The Google-owned platform had already begun to crack down late last year on false claims about the COVID-19 vaccine; by the end of August, it had removed over 1 million videos for spreading misinformation about the coronavirus. The new, broader ban also includes content that falsely claims that other approved vaccines, like those for the flu, measles and Hepatitis B, are dangerous or ineffective.
The company also terminated the accounts of several prominent anti-vaccine influencers, including Joseph Mercola and Robert F. Kennedy Jr., citing “the need to remove egregious harmful content.” In a statement, Kennedy pushed back, telling CNN Business that “there is no instance in history when censorship has been beneficial for either democracy or public health.”
“It has been incredibly frustrating to try and share good, science-based information about vaccines on YouTube, only to have the algorithms then suggest anti-vaccine content to our viewers,” Erica DeWald of Vaccinate Your Family, the nation’s largest nonprofit group dedicated to advocating for vaccines, told NBC News about the new guidelines. “We’re hopeful this is a positive step toward ensuring people have access to real information about vaccines and will signal other social media companies to follow suit.”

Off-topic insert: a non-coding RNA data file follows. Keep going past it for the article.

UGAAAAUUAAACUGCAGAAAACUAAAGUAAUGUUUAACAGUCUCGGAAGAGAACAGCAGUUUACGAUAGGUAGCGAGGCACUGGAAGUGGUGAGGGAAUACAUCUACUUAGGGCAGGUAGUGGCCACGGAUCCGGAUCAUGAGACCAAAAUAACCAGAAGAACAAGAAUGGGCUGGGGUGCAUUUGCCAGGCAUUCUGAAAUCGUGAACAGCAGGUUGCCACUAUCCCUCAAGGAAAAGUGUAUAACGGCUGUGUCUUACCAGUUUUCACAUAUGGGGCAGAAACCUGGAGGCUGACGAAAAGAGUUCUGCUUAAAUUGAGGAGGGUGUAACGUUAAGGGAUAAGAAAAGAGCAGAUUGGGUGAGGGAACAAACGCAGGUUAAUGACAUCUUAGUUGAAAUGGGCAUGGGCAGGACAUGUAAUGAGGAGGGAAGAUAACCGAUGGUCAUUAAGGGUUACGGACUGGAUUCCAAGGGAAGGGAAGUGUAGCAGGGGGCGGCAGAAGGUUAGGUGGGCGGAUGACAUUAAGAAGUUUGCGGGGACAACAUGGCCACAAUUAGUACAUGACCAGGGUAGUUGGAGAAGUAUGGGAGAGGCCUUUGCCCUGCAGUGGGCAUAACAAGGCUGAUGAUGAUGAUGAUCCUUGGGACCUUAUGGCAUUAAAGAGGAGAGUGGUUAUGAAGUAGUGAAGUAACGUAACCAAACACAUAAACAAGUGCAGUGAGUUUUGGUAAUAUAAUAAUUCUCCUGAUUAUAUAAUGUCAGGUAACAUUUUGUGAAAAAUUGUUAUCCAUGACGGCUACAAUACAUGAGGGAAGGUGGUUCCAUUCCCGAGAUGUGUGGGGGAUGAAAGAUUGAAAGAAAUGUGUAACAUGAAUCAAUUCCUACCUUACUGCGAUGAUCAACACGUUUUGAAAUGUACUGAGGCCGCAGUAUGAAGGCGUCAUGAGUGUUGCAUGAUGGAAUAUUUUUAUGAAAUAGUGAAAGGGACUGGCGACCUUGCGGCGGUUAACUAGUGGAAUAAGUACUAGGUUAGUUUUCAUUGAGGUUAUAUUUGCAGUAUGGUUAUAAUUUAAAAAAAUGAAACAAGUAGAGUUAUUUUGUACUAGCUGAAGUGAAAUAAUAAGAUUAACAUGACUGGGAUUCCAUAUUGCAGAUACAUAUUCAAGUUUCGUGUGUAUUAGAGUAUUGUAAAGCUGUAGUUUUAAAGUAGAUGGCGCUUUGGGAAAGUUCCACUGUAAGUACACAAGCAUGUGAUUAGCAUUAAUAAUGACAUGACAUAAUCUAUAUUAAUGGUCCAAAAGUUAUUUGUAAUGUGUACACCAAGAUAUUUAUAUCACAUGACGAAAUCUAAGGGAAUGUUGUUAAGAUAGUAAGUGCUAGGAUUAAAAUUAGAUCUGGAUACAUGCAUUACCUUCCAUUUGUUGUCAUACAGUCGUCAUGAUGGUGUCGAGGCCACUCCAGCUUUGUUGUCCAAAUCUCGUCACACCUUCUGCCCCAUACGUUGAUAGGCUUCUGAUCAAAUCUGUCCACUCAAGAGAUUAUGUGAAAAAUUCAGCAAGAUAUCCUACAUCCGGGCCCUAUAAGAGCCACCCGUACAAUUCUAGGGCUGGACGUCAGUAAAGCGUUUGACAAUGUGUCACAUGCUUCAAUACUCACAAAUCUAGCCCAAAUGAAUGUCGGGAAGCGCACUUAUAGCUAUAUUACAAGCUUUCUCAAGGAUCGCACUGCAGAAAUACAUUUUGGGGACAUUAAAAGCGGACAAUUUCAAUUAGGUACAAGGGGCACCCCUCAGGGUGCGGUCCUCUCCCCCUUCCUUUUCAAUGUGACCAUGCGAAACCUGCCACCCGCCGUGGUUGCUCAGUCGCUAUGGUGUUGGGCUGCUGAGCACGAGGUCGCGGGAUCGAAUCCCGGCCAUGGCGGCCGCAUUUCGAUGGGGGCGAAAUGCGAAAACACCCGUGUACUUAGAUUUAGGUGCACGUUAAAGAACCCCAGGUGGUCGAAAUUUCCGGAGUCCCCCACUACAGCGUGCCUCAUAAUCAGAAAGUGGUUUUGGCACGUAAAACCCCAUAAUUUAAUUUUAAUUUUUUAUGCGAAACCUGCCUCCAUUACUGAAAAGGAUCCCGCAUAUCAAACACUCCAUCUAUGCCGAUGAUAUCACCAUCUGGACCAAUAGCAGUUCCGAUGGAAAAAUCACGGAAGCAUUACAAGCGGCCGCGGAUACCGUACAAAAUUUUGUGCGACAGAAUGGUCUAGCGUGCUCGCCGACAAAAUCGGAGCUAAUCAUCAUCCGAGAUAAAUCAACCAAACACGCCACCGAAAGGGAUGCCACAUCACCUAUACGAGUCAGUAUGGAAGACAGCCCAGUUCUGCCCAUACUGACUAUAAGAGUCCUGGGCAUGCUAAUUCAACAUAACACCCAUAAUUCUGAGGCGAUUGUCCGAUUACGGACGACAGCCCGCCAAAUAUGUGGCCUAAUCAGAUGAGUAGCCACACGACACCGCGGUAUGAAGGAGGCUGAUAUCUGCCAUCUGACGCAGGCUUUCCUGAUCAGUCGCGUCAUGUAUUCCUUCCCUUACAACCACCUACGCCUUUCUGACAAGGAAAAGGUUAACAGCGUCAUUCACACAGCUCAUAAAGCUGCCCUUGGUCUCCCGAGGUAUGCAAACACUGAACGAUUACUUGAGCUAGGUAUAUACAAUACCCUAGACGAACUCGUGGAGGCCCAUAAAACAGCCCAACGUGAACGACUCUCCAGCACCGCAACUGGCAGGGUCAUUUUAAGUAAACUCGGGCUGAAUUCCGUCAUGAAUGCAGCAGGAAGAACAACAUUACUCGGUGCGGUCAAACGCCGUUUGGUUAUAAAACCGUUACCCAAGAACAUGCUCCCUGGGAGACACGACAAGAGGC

Still, YouTube said that there will be some exceptions to the new guidelines, such as videos that include personal testimonies or videos about vaccine trials, results and failures. “Given the importance of public discussion and debate to the scientific process, we will continue to allow content about vaccine policies, new vaccine trials, and historical vaccine successes or failures on YouTube,” the company explain in its blog post.